How Daddy Became a Beachcomber, by Marilyn Hedley, illustrated by Flo Ann Hedley
This book was published in 1947, but has been out of print for many years, and has become very rare and sought-after. The family is offering reprints of this book, told by Hedley daughter Marily (Bungy’s sister).

Eli Hedley Beachcomber, 1943 Catalog (Reprint)
This is a reprint of Eli Hedley’s catalog of wares, with charming ink illustrations of the unusual items he offered. During WWII, Eli’s wares were used in decorating many bars, restaurants, hotels and homes, and he was especially favored in Hollywood. He was responsible for the decor is some of the most famous tiki bars, and the back pages of the catalog include a thick addendum of black & white photos of his tikis, his shop, the family homestead, and a 1943 article from Life Magazine.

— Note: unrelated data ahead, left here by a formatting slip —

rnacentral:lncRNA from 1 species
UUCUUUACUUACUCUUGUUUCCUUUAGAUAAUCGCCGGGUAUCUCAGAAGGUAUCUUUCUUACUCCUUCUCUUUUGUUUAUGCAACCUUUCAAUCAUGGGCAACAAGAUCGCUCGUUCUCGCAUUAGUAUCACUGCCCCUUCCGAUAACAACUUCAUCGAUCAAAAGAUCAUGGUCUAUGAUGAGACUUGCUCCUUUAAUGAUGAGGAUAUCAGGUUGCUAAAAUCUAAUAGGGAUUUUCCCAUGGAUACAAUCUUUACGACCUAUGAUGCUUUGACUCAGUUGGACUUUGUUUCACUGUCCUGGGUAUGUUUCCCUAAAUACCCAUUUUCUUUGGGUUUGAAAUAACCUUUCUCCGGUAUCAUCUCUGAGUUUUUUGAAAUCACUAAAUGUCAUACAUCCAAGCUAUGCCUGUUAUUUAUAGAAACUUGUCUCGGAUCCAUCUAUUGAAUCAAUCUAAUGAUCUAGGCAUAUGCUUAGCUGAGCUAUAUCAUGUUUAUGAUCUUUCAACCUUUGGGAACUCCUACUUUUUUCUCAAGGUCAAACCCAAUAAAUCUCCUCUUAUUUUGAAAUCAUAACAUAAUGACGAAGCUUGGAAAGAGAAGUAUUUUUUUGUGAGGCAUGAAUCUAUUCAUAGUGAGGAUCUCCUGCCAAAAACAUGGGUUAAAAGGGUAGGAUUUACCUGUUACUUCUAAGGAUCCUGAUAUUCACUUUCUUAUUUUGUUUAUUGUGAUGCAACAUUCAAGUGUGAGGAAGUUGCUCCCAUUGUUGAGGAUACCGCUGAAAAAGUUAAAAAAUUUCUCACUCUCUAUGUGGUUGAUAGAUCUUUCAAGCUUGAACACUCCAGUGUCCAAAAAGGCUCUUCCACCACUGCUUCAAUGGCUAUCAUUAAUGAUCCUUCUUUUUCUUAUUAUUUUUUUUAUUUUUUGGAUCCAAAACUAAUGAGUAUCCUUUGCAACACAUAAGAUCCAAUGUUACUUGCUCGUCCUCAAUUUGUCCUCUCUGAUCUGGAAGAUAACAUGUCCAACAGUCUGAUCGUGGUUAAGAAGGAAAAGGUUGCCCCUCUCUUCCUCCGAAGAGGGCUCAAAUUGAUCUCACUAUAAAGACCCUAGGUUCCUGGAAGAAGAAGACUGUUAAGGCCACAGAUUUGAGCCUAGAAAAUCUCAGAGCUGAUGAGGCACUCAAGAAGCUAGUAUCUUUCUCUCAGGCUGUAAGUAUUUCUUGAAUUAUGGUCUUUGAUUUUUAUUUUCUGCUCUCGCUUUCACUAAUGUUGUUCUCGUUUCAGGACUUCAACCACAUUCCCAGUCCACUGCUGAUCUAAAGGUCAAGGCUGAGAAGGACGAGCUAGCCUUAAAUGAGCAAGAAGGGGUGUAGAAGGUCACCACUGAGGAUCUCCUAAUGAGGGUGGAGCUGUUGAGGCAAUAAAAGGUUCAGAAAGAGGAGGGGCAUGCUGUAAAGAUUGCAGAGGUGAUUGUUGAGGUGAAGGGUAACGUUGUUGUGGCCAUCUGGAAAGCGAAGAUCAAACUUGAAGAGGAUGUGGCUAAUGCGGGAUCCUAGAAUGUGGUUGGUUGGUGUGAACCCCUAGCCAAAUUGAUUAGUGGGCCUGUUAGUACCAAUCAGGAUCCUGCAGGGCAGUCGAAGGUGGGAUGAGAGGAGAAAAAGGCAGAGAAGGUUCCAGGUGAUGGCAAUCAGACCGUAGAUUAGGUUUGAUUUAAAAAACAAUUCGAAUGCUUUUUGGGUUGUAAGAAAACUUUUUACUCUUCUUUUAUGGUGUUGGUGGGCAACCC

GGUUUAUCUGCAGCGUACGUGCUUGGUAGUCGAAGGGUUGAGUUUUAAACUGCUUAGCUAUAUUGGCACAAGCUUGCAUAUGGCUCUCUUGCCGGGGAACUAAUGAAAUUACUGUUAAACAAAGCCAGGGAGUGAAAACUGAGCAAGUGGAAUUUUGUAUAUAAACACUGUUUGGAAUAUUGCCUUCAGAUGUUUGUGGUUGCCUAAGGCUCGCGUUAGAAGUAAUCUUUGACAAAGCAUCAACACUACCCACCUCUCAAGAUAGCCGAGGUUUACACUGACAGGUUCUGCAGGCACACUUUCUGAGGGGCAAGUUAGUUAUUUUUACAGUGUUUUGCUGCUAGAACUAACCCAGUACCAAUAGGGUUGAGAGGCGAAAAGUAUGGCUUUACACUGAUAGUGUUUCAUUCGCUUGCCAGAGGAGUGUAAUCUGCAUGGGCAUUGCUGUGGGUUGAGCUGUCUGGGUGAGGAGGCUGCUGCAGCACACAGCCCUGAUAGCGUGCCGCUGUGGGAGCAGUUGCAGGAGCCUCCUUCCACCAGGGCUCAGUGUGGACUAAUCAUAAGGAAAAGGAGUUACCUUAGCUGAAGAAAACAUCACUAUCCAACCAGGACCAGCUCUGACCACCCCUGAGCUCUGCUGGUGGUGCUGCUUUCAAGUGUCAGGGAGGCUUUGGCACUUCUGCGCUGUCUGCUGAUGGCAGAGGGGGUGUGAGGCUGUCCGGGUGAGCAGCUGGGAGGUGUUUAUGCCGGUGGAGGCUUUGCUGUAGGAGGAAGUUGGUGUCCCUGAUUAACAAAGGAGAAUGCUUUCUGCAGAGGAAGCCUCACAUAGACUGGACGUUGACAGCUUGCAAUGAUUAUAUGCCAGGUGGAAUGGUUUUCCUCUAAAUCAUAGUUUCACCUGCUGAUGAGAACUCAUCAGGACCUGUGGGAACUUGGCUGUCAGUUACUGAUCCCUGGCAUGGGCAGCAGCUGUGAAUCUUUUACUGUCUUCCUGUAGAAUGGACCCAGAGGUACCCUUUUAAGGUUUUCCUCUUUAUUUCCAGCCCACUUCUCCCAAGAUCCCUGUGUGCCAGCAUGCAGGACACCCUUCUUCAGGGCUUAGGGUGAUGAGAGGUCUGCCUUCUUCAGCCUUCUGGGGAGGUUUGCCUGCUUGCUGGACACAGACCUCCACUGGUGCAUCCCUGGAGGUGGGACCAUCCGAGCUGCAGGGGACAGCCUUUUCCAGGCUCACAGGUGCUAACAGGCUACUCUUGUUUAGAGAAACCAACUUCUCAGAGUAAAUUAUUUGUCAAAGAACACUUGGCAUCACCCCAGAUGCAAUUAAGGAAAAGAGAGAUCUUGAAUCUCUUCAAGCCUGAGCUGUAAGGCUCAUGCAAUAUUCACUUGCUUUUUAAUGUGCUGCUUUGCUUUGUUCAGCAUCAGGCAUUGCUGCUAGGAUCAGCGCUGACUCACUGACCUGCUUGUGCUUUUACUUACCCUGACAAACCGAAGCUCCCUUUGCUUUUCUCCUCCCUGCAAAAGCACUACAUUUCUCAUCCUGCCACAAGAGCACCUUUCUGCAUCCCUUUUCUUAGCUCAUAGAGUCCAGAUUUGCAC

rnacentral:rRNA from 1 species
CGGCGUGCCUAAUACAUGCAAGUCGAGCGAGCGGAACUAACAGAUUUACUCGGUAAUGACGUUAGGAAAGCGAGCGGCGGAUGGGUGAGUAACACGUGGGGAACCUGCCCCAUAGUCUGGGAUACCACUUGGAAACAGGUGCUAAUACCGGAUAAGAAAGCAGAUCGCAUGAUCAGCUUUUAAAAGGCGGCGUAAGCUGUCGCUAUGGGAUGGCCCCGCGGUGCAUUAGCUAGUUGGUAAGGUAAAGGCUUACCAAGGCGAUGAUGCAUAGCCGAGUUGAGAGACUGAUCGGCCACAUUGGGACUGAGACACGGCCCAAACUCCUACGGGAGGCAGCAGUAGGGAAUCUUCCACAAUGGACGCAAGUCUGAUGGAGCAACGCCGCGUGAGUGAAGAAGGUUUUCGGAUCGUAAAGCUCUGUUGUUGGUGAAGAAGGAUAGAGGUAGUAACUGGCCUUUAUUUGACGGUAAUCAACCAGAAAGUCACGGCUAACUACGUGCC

The books are available now, and can be ordered from Amazon, from the book publisher, or from Bungy herself, if you’d like an autographed copy. Full details are on this thread at Tiki Central.


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About Humuhumu
Humuhumu
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http://www.humuhumu.com
Humuhumu is the creator of several tiki websites. She is a designer and programmer based out of San Francisco.